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Woof Wednesday: Adopt the Internet Day

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7-7, seven-toed kittens 3

In honor of’s 15th birthday, Tuesday March 15 has been designated Help Petfinder Adopt the Internet Day, a day devoted to getting the word out there about pet adoption and helping homeless pets find homes. 

Love is in the air—which means it’s time for my annual pet-sex rant. Countless dogs and cats celebrated Mother’s Day this year—and their unwanted offspring will be lucky to escape with their lives. I’m told by those in the trenches that shelters and rescues are already brimming with the furry over-load.

If you’re looking for a lifetime of love, now’s the time to visit your local shelter, animal welfare society, pet rescue—or online resource like Puppies and kittens rate off the scale on the cute-factor but don’t let that narrow your focus. Worthy choices of all ages (including senior citizen pets) would welcome your love with a wag and whisker-kisses. Many shelter pets come “pre-vetted” and ready to love—already up to date on shots, deworming, and even that oh-so-important spay/neuter surgery.

Spaying and neutering offers so many benefits and no “down side” for owners and pets alike. During cat breeding season (January to October), amorous girl kitties go into “heat” every three weeks and can produce a litter of kittens about every 65 days. Most dogs are able to produce a litter twice a year. Now is the time to prevent any accidental litter-ary endeavors.

There are still myths surrounding the subject. The surgery to remove the reproductive organs has no effect on a dog’s skills at protecting the house, or being trained. It does not make pets fat and lazy—eating too much does that. Even professional breeders can’t predict what a planned pregnancy will produce, so don’t kid yourself; there’s no guarantee your affectionate beauty queen will give birth to a copy-cat pet. It’s just as likely she’ll produce ugly ill-tempered fur-kids.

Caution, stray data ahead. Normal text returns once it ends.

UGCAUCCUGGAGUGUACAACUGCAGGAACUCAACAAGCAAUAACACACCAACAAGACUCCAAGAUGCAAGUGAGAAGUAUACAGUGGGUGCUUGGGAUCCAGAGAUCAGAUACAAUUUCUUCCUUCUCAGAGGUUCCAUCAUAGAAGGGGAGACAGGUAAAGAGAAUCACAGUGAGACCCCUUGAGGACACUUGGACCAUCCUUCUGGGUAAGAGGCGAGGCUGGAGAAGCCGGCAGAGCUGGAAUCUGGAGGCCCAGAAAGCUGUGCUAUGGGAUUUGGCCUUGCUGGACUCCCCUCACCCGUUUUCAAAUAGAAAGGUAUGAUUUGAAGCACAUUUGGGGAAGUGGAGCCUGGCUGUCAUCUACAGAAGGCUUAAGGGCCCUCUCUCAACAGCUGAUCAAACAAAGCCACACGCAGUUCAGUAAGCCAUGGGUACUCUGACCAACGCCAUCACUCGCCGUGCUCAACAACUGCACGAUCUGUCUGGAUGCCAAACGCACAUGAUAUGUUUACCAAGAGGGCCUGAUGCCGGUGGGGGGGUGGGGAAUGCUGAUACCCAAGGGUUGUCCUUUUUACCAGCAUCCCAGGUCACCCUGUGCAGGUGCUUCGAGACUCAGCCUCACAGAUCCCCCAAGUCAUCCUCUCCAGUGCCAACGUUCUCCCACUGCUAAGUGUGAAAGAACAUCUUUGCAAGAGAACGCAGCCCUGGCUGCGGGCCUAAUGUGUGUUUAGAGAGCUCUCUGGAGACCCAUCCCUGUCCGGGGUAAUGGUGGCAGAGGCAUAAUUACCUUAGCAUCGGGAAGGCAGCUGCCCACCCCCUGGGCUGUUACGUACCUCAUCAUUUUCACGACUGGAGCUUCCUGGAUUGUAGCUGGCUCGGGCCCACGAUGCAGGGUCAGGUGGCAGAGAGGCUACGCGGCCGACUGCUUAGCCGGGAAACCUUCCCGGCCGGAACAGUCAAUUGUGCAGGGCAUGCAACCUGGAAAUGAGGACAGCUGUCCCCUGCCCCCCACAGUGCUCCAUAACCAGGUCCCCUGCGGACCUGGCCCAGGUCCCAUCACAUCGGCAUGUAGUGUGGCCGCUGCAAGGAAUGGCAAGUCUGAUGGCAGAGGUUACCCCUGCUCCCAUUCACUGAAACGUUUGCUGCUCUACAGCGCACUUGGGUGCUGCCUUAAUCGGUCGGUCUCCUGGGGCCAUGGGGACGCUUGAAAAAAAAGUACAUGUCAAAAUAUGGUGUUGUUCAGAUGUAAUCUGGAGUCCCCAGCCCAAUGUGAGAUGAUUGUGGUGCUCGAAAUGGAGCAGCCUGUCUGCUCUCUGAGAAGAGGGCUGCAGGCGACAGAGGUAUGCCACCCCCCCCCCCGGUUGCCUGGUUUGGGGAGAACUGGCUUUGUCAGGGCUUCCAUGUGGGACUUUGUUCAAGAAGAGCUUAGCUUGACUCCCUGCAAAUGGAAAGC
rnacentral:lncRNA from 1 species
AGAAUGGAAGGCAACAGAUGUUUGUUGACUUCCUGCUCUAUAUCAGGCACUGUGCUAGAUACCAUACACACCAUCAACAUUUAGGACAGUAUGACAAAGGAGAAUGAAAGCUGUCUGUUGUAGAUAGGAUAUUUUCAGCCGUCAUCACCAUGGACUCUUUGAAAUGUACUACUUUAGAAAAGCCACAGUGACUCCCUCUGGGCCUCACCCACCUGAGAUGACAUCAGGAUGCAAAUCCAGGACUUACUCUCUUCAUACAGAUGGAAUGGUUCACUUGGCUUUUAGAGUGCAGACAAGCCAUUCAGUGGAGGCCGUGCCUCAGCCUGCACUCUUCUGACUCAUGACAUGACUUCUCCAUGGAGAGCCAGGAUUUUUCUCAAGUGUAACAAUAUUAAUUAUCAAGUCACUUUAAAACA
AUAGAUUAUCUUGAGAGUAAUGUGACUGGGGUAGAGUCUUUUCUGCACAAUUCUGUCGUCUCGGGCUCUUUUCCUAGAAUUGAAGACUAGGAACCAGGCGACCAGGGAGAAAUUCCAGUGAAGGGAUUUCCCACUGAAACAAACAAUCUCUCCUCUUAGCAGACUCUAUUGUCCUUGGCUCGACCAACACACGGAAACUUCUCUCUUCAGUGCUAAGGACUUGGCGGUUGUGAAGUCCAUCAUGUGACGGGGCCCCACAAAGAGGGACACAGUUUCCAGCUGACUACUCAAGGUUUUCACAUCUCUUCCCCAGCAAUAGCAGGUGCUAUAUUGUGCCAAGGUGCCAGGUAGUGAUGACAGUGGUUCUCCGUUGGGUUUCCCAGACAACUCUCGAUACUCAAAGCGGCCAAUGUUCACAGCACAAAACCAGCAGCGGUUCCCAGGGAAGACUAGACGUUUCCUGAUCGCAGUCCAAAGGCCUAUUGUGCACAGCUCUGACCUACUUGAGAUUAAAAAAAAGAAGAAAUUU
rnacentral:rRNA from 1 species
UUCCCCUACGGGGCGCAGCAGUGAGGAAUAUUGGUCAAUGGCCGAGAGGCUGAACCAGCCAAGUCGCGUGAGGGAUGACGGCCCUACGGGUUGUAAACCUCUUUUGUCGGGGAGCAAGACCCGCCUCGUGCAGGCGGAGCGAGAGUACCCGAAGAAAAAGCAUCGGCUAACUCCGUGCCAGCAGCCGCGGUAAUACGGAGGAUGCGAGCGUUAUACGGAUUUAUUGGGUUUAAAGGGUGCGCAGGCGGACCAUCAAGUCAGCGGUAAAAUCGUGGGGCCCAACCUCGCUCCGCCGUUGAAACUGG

There are no medical benefits to having “one litter first” before spaying. In fact, spaying dogs BEFORE their first season virtually eliminates the chance they’ll develop breast cancer. Surgery eliminates romantic yowling, roaming, fighting, urine marking, and mounting visitor’s legs. It prevents fight wounds, messy canine vaginal discharges, and uterine infections, and eliminates the chance of testicular cancer. If you’d like your children to witness the “miracle of birth,” ask the veterinarian to show a tape, or just watch “Animal Planet.” The real lesson you’re teaching isn’t a miracle, but the tragedy of too many pets and not enough homes.

The best time for surgery is before sexual maturity, but adult pets can be altered at any age. Many animal welfare organizations and professional breeders alter puppies and kittens (once they weigh two pounds or more), to make sure there are no accidental pregnancies. Babies bounce back much quicker from the surgery than adults. Pets act a bit woozy until anesthesia wears off. Some will be ready to go home the same day, while others must spend the night at the clinic. Most animals are up and running within hours.

Look at your watch, please. Each hour, three thousand puppies and kittens are born in the United States. Each year, more than twelve million pets are surrendered to animal shelters. Adopt one of these needed, loving animals. And before you allow a tragedy to continue, look at your watch. Please.

Woofs & wags,


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About amyshojai

Amy Shojai, CABC is a certified animal behavior consultant (dogs/cats), award winning author of 30+ pet care titles and thrillers, and spokesperson to the pet industry.

One response »

  1. Pingback: Woof Wednesday: Adopt the Internet Day | Active Pet Health

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